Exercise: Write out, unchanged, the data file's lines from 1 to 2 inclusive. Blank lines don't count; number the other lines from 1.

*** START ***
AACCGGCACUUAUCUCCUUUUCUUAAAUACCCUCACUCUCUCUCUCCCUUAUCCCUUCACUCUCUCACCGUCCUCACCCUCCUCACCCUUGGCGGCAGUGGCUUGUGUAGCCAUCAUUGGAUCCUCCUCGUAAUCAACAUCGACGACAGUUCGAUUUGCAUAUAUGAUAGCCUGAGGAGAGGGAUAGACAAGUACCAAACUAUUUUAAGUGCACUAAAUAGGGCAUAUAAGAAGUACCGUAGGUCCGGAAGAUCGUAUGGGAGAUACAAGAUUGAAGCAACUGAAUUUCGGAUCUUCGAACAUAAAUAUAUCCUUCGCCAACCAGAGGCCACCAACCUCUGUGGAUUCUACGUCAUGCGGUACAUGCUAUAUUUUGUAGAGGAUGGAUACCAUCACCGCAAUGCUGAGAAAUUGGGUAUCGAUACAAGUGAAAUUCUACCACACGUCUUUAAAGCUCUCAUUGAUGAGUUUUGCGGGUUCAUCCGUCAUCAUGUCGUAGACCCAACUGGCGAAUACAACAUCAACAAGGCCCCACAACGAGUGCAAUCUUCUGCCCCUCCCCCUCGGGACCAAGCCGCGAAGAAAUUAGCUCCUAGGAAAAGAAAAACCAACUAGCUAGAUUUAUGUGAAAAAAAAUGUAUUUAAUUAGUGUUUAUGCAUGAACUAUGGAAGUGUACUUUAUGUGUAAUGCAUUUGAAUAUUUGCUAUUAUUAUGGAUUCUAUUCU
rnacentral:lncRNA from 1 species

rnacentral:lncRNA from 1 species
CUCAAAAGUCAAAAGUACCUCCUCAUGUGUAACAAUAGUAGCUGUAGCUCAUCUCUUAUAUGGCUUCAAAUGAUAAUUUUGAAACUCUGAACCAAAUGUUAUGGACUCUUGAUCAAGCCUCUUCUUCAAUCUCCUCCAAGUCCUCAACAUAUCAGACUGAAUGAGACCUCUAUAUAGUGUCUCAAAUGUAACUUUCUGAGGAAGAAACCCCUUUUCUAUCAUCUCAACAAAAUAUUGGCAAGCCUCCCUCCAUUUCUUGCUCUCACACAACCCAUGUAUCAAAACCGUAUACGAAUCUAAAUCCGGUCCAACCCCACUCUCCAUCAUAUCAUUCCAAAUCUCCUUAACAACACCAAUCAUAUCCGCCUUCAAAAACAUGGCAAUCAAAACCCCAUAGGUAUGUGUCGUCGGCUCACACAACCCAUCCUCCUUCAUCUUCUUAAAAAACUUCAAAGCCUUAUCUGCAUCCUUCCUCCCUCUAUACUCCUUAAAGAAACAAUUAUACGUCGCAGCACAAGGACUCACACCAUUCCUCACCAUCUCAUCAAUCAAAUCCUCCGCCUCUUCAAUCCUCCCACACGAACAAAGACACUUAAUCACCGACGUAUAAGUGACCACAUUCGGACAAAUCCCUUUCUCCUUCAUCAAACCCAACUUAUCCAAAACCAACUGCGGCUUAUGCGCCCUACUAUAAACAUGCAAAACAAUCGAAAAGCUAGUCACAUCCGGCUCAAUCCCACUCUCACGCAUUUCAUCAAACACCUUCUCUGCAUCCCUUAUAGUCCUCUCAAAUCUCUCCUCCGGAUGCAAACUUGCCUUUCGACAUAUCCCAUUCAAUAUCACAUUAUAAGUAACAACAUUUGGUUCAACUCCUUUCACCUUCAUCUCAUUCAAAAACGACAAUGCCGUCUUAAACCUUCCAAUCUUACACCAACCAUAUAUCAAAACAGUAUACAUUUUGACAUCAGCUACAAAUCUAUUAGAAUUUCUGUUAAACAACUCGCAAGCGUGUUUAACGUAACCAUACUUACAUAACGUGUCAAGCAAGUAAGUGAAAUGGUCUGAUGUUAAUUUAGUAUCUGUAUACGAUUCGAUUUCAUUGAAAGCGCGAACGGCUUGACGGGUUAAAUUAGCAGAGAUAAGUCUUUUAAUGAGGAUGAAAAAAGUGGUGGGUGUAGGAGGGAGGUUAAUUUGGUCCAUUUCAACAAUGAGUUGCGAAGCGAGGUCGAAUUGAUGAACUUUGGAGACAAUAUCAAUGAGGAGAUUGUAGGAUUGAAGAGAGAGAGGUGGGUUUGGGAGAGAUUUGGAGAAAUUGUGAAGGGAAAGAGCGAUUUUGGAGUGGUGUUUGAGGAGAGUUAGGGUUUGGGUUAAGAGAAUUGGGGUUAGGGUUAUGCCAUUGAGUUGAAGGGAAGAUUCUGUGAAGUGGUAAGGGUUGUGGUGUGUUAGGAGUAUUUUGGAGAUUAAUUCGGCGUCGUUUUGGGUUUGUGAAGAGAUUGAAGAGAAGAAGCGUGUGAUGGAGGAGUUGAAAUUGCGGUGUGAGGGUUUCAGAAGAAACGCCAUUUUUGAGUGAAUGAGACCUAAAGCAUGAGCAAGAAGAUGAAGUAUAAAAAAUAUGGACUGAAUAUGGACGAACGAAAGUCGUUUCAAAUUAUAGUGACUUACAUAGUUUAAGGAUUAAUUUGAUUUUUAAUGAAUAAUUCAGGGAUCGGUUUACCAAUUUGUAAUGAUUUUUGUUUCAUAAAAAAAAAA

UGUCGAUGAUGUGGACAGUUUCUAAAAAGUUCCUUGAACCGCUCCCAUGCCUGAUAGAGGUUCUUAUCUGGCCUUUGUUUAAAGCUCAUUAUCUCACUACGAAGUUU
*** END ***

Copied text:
AACCGGCACUUAUCUCCUUUUCUUAAAUACCCUCACUCUCUCUCUCCCUUAUCCCUUCACUCUCUCACCGUCCUCACCCUCCUCACCCUUGGCGGCAGUGGCUUGUGUAGCCAUCAUUGGAUCCUCCUCGUAAUCAACAUCGACGACAGUUCGAUUUGCAUAUAUGAUAGCCUGAGGAGAGGGAUAGACAAGUACCAAACUAUUUUAAGUGCACUAAAUAGGGCAUAUAAGAAGUACCGUAGGUCCGGAAGAUCGUAUGGGAGAUACAAGAUUGAAGCAACUGAAUUUCGGAUCUUCGAACAUAAAUAUAUCCUUCGCCAACCAGAGGCCACCAACCUCUGUGGAUUCUACGUCAUGCGGUACAUGCUAUAUUUUGUAGAGGAUGGAUACCAUCACCGCAAUGCUGAGAAAUUGGGUAUCGAUACAAGUGAAAUUCUACCACACGUCUUUAAAGCUCUCAUUGAUGAGUUUUGCGGGUUCAUCCGUCAUCAUGUCGUAGACCCAACUGGCGAAUACAACAUCAACAAGGCCCCACAACGAGUGCAAUCUUCUGCCCCUCCCCCUCGGGACCAAGCCGCGAAGAAAUUAGCUCCUAGGAAAAGAAAAACCAACUAGCUAGAUUUAUGUGAAAAAAAAUGUAUUUAAUUAGUGUUUAUGCAUGAACUAUGGAAGUGUACUUUAUGUGUAAUGCAUUUGAAUAUUUGCUAUUAUUAUGGAUUCUAUUCU
rnacentral:lncRNA from 1 species